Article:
On my patented measurement system of “feels like” elapsed time, I judge that Obama’s State of the Union speech clocked in at a Castroite three hours. Obama looked great, but the rhythm of his speech tapped out a steady drone. If things don’t work out in politics, he can always go to work for GQ.
Some karmic balance must have placed him at the center of a picture in which he was flanked for the duration by Joe Biden and Nancy Pelosi. My mind wandered throughout Obama’s speech to a mental tabulation of the cosmetic procedures they have each endured to render them into the waxworks’ status of their present appearances. It looked like Obama was speaking at the Washington branch of Madame Tussauds.
When he opened his speech with his reference to the Union setback at Bull Run, the ordeal of Omaha Beach, the stock market collapse on Black Tuesday and the beating of civil rights marchers on Bloody Sunday, I was hopeful that he might make something of it. But whoever is writing this stuff for him must not be thinking about it too hard if he deduces the lesson that “we chose to move forward as one nation, one people” from it.
The Confederacy knew Bull Run as Manassas, and we “moved forward” as enemies from it into several years of slaughter and butchery by comparison with which Bull Run was a walk in the park. Obama’s history is for dummies who haven’t had U.S. History for Dummies. Perhaps we should be content that he did not cite himself as the culmination of this history, at least last night.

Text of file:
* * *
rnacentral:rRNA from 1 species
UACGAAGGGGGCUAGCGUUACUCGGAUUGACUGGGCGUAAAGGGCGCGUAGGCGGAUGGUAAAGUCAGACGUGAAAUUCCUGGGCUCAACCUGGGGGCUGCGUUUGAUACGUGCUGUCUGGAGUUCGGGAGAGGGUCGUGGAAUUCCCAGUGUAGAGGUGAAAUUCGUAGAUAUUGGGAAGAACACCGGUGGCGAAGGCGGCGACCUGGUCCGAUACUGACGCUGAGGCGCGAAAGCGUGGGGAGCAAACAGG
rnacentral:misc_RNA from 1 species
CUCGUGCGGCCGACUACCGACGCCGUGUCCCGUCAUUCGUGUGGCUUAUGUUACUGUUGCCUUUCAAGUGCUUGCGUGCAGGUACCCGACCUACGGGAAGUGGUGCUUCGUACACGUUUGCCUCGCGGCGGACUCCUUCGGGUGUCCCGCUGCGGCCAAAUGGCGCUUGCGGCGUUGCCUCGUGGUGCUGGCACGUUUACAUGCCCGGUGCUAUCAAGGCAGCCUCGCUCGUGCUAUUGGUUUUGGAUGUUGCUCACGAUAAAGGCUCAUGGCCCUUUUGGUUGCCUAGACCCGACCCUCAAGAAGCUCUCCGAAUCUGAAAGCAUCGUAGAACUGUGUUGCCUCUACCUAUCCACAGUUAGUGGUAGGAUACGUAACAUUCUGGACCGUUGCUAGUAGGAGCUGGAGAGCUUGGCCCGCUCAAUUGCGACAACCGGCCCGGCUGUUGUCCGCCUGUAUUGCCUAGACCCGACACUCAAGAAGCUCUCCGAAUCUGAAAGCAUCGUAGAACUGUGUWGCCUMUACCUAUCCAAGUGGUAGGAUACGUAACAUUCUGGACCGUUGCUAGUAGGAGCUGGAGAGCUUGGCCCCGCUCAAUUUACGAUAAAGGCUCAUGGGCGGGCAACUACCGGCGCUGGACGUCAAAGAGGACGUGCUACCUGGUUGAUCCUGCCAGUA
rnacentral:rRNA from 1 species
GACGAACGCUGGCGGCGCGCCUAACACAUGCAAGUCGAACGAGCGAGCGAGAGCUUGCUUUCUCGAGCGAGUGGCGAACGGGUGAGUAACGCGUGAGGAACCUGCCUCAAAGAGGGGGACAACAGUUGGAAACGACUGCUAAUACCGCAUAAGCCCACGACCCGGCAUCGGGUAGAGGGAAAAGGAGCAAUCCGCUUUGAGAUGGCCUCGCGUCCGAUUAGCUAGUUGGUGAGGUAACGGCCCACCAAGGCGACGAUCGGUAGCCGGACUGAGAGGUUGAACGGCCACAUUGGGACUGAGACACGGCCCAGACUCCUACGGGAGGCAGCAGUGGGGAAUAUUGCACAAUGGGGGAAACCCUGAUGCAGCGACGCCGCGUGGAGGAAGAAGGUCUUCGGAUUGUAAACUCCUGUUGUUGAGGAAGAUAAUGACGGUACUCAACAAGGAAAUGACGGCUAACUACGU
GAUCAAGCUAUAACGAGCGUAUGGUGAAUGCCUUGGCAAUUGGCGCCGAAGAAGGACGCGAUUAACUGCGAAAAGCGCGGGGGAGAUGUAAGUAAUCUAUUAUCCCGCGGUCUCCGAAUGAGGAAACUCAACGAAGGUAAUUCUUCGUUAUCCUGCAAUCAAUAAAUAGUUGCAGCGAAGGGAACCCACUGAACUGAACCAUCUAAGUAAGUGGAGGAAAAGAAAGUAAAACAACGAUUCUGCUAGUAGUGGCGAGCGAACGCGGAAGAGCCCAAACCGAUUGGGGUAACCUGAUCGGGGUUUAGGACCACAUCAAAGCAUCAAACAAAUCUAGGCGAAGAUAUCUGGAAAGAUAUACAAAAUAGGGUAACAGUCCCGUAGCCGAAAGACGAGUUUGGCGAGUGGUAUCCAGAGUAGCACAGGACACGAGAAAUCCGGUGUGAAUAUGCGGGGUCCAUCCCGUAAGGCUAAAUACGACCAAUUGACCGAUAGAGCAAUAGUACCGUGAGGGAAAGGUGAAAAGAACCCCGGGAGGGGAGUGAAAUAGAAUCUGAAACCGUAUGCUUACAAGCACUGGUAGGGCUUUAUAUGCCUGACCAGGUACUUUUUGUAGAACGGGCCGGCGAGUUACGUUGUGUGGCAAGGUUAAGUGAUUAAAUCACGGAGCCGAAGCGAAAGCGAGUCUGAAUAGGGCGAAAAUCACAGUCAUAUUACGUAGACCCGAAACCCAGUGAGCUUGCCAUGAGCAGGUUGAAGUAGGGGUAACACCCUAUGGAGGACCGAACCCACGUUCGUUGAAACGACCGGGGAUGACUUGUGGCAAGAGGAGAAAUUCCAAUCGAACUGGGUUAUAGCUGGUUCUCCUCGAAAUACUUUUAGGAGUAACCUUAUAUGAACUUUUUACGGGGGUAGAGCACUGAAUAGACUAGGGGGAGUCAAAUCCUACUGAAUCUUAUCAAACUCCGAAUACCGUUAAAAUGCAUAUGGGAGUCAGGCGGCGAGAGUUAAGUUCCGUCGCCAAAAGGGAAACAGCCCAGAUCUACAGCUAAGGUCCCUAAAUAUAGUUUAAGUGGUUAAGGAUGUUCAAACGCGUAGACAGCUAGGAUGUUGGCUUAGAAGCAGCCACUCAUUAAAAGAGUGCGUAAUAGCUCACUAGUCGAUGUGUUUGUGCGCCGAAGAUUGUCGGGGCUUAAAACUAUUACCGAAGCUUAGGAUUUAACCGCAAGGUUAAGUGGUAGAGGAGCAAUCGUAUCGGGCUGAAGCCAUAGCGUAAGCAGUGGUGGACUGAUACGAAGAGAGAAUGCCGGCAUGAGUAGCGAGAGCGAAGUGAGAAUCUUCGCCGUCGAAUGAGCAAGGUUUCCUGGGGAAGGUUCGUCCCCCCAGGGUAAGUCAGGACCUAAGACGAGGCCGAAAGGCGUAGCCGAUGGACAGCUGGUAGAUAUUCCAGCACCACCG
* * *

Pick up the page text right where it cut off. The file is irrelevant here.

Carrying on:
While hailing the trials of American history through which Americans remained “one people,” Obama’s motif is the identification of American villains against whom he vows, over and over again, to fight. Among last night’s villains were “the bankers” and the Supreme Court. Hey, even if Obama has come to save us from a rerun of the Great Deparession, the song remains the same.
Obama didn’t stigmatize his political opponents as “economic royalists” or the Court as Nine Old Men, but the bankers and the Court were Roosevelt’s characteristic foils. The falsity of the aspersions he cast on the Court showed him to be peddling “dem[a]goguery of the worst kind.” He depends on and exploits the ignorance of his intended audience. He thinks we are dummies. His attack on the Supreme Court provides an emblematic moment of the low esteem in which he holds his audience and the minimal value he places on the truth of his assertions.
Obama stuck to his guns when it came to the signature items of his first year in office, and stuck to his butter when it came to national security. Without directly addressing his elimination of the CIA’s enhanced interrogation program, his promise to close Guantanamo, his responsibility for bringing KSM to trial in federal court in New York and the Christmas day bomber to trial in Detroit, he chastised those who would dare criticize his handling of terrorism, declaring that “all of us love this country” and warning his Republican critics to “put aside the schoolyard taunts about who is tough.”
It is not a schoolyard taunt, however, to say he’s gonna get us killed. And when he threatens (or promises) “growing consequences” to Iran, he makes it unnaturally difficult to stifle schoolyard taunts.
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“Arise and take our stand for freedom as in the olden time.” Winston Churchill